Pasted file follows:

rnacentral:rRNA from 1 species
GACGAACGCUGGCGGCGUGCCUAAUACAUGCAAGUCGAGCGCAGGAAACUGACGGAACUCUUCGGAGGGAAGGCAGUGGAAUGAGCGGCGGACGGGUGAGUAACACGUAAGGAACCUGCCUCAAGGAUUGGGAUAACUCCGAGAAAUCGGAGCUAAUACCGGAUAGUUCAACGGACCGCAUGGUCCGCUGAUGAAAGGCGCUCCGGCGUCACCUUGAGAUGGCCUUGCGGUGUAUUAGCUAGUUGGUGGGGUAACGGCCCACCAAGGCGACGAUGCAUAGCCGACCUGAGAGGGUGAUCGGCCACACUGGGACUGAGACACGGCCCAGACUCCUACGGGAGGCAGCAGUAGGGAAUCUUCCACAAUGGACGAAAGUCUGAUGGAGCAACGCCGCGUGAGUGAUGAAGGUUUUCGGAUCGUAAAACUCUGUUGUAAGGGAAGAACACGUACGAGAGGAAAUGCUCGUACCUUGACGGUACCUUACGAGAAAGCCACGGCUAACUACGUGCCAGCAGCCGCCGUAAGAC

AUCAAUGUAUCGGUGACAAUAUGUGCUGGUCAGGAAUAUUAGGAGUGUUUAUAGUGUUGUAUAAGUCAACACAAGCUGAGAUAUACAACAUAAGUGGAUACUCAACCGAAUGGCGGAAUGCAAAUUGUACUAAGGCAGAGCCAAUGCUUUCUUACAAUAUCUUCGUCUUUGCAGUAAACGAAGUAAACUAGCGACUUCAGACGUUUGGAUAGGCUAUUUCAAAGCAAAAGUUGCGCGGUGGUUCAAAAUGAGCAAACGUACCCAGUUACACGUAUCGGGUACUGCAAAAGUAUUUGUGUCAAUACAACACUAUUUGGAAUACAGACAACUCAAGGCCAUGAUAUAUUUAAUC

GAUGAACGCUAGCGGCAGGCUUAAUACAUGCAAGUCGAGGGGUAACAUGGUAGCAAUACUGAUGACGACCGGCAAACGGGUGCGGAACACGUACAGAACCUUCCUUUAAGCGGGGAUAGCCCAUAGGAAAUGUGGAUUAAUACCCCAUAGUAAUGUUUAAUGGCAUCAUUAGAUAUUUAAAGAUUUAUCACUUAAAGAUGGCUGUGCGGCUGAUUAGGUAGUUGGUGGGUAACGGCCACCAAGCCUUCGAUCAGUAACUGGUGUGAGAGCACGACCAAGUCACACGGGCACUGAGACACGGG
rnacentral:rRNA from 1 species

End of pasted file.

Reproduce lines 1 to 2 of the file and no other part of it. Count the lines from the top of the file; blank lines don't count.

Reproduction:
rnacentral:rRNA from 1 species
GACGAACGCUGGCGGCGUGCCUAAUACAUGCAAGUCGAGCGCAGGAAACUGACGGAACUCUUCGGAGGGAAGGCAGUGGAAUGAGCGGCGGACGGGUGAGUAACACGUAAGGAACCUGCCUCAAGGAUUGGGAUAACUCCGAGAAAUCGGAGCUAAUACCGGAUAGUUCAACGGACCGCAUGGUCCGCUGAUGAAAGGCGCUCCGGCGUCACCUUGAGAUGGCCUUGCGGUGUAUUAGCUAGUUGGUGGGGUAACGGCCCACCAAGGCGACGAUGCAUAGCCGACCUGAGAGGGUGAUCGGCCACACUGGGACUGAGACACGGCCCAGACUCCUACGGGAGGCAGCAGUAGGGAAUCUUCCACAAUGGACGAAAGUCUGAUGGAGCAACGCCGCGUGAGUGAUGAAGGUUUUCGGAUCGUAAAACUCUGUUGUAAGGGAAGAACACGUACGAGAGGAAAUGCUCGUACCUUGACGGUACCUUACGAGAAAGCCACGGCUAACUACGUGCCAGCAGCCGCCGUAAGAC